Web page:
The common man is given very little concession by way of direct taxes
Overall, the Budget appears to be modest. It recognises the need for consolidating the country's financial status and providing economic stability. There are some positives. At the same time, there are some more points that will present challenges and, hence, need to be observed in greater detail.
It is good to see agriculture get its continued focus, with the total plan outlay increasing by 18 per cent. There are also some worthwhile moves such as fillip to increase self-sufficiency in urea production in the next five years within India itself, and encouragement to use single super phosphate.
Micro-irrigation has got a boost this time around, with greater commitment of funds in that area. There is also a warm gesture to put more money into the farmers' hands by having increased the agriculture credit from Rs.4.75 lakh crore to Rs.5.75 lakh crore.
Infrastructure should also look better, thanks to the huge outlay in the areas of power, roads, ports, civil aviation and the like. This will be propped up strongly by the doubling of infrastructure bonds to Rs.60,000 crore this time.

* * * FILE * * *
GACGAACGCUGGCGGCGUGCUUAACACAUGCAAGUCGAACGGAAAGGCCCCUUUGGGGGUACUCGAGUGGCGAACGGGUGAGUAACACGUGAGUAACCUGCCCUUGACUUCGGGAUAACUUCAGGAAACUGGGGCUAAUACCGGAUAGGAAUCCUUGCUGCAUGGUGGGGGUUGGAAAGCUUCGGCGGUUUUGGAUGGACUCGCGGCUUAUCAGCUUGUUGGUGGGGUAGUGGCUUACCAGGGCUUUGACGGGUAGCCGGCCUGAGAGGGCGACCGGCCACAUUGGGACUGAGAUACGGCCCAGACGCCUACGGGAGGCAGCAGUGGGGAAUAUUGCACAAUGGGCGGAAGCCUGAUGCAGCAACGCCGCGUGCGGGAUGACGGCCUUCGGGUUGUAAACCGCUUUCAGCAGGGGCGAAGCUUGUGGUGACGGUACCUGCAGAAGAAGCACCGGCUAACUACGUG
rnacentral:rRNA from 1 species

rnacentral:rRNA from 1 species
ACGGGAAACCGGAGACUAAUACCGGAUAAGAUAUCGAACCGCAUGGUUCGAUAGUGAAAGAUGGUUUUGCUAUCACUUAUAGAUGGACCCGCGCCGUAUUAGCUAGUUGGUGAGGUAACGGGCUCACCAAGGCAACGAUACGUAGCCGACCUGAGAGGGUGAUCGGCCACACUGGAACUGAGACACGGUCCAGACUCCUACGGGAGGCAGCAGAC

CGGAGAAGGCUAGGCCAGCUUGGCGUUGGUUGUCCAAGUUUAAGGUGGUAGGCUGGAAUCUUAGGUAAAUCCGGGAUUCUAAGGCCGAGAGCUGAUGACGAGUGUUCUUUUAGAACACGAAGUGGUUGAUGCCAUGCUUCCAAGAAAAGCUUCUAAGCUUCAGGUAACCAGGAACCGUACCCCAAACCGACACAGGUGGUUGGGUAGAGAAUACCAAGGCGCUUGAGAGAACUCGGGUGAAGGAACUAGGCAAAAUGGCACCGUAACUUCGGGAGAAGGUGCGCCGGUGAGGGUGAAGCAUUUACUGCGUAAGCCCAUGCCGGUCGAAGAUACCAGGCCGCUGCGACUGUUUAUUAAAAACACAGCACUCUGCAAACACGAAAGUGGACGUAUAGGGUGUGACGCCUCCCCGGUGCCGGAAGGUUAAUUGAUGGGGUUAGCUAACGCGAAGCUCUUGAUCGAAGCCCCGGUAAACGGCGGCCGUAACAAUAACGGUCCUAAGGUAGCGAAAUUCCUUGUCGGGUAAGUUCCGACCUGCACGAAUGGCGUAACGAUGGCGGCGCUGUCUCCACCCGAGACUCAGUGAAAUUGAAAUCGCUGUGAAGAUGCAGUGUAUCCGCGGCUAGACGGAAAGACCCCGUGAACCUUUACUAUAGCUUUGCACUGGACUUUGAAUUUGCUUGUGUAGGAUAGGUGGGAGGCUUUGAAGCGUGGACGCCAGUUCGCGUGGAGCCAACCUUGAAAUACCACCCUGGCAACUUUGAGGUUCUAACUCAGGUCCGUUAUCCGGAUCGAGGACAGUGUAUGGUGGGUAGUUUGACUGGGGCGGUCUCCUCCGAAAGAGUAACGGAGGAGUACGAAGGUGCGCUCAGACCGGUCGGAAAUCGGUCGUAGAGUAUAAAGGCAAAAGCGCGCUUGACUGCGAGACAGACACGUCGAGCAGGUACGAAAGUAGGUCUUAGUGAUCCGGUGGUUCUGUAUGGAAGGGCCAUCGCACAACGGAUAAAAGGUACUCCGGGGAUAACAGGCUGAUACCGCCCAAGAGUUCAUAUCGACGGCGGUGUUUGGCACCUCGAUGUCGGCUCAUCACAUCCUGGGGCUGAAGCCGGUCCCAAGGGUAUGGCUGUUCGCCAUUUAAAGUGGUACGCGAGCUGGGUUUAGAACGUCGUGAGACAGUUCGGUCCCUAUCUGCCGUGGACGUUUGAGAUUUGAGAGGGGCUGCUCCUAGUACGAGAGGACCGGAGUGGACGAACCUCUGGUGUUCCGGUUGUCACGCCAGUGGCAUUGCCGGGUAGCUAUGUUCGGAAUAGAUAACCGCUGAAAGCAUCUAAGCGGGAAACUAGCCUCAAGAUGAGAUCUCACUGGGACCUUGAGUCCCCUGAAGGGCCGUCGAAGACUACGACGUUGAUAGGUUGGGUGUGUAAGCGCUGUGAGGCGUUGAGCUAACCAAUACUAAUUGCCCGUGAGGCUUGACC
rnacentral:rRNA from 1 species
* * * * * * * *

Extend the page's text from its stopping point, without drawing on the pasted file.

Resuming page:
The Finance Minister has paved the way for more liquidity to be pumped into the system, by re-capitalisation of PSU banks to the extent of Rs.15,800 crore. He has also made it easier to source funds by facilitating greater access to ECBs at lower rates. Foreign exchange will also get a positive impact by way of curb in gold import.
However, the increase in taxes will have a cascading effect on the overall costs and this will impact inflation. The common man is given very little concession by way of direct taxes.
A similar effect will be seen on the manufacturing sector, with increased service tax and excise duty.
Whether the GDP growth target of 7.6 per cent can be achieved or not, is something which one will have to wait and see. The GDP growth will have to be supported by growth in other sectors such as the service industry and the agriculture sector.
One will have to wait and see the government's progress in implementing reforms such as the DTC and the GST, and also whether the fiscal deficit target of 5.1 per cent (which has itself been revised downwards from 5.9 per cent) can be reached.
(The author is Chairman of the Murugappa Group)